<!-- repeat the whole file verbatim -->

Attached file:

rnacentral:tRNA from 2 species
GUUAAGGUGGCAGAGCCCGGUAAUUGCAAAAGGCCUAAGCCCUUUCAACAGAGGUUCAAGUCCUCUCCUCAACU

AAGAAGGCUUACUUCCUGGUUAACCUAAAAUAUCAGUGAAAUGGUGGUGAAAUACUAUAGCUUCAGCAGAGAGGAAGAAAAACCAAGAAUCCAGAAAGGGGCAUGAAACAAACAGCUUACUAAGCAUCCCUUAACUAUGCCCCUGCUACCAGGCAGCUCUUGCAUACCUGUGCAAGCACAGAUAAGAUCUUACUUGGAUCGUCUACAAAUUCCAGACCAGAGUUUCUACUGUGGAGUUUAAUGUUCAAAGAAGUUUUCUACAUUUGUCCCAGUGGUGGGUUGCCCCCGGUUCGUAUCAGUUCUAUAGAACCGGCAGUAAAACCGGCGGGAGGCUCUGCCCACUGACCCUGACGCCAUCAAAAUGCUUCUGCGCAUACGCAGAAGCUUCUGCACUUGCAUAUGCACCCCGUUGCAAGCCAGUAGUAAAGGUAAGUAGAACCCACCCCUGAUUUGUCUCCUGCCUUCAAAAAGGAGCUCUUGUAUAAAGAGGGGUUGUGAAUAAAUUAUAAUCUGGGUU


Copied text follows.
rnacentral:tRNA from 2 species
GUUAAGGUGGCAGAGCCCGGUAAUUGCAAAAGGCCUAAGCCCUUUCAACAGAGGUUCAAGUCCUCUCCUCAACU

AAGAAGGCUUACUUCCUGGUUAACCUAAAAUAUCAGUGAAAUGGUGGUGAAAUACUAUAGCUUCAGCAGAGAGGAAGAAAAACCAAGAAUCCAGAAAGGGGCAUGAAACAAACAGCUUACUAAGCAUCCCUUAACUAUGCCCCUGCUACCAGGCAGCUCUUGCAUACCUGUGCAAGCACAGAUAAGAUCUUACUUGGAUCGUCUACAAAUUCCAGACCAGAGUUUCUACUGUGGAGUUUAAUGUUCAAAGAAGUUUUCUACAUUUGUCCCAGUGGUGGGUUGCCCCCGGUUCGUAUCAGUUCUAUAGAACCGGCAGUAAAACCGGCGGGAGGCUCUGCCCACUGACCCUGACGCCAUCAAAAUGCUUCUGCGCAUACGCAGAAGCUUCUGCACUUGCAUAUGCACCCCGUUGCAAGCCAGUAGUAAAGGUAAGUAGAACCCACCCCUGAUUUGUCUCCUGCCUUCAAAAAGGAGCUCUUGUAUAAAGAGGGGUUGUGAAUAAAUUAUAAUCUGGGUU